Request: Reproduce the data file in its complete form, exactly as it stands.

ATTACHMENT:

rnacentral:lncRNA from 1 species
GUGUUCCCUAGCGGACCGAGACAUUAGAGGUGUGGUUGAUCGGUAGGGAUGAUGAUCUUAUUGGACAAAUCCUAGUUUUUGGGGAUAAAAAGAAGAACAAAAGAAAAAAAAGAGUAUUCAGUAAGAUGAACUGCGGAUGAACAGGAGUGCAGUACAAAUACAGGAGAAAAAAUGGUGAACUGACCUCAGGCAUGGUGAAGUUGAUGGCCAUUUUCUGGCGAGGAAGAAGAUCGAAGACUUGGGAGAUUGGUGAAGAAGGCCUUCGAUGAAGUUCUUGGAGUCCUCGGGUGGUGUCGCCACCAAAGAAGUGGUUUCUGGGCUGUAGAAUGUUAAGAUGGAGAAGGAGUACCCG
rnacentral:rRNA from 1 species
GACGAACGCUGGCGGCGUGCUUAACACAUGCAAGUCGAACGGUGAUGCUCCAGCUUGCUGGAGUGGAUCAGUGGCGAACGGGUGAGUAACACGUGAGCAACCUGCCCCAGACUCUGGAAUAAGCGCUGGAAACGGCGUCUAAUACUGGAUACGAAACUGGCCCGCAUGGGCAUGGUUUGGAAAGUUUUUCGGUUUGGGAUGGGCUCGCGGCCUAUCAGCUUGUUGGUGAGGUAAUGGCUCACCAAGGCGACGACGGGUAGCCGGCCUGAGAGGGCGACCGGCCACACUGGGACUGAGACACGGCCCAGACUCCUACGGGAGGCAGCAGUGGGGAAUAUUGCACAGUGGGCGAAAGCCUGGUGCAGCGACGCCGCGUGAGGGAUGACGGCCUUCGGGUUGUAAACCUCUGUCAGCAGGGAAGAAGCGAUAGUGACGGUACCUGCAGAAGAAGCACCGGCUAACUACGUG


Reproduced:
rnacentral:lncRNA from 1 species
GUGUUCCCUAGCGGACCGAGACAUUAGAGGUGUGGUUGAUCGGUAGGGAUGAUGAUCUUAUUGGACAAAUCCUAGUUUUUGGGGAUAAAAAGAAGAACAAAAGAAAAAAAAGAGUAUUCAGUAAGAUGAACUGCGGAUGAACAGGAGUGCAGUACAAAUACAGGAGAAAAAAUGGUGAACUGACCUCAGGCAUGGUGAAGUUGAUGGCCAUUUUCUGGCGAGGAAGAAGAUCGAAGACUUGGGAGAUUGGUGAAGAAGGCCUUCGAUGAAGUUCUUGGAGUCCUCGGGUGGUGUCGCCACCAAAGAAGUGGUUUCUGGGCUGUAGAAUGUUAAGAUGGAGAAGGAGUACCCG
rnacentral:rRNA from 1 species
GACGAACGCUGGCGGCGUGCUUAACACAUGCAAGUCGAACGGUGAUGCUCCAGCUUGCUGGAGUGGAUCAGUGGCGAACGGGUGAGUAACACGUGAGCAACCUGCCCCAGACUCUGGAAUAAGCGCUGGAAACGGCGUCUAAUACUGGAUACGAAACUGGCCCGCAUGGGCAUGGUUUGGAAAGUUUUUCGGUUUGGGAUGGGCUCGCGGCCUAUCAGCUUGUUGGUGAGGUAAUGGCUCACCAAGGCGACGACGGGUAGCCGGCCUGAGAGGGCGACCGGCCACACUGGGACUGAGACACGGCCCAGACUCCUACGGGAGGCAGCAGUGGGGAAUAUUGCACAGUGGGCGAAAGCCUGGUGCAGCGACGCCGCGUGAGGGAUGACGGCCUUCGGGUUGUAAACCUCUGUCAGCAGGGAAGAAGCGAUAGUGACGGUACCUGCAGAAGAAGCACCGGCUAACUACGUG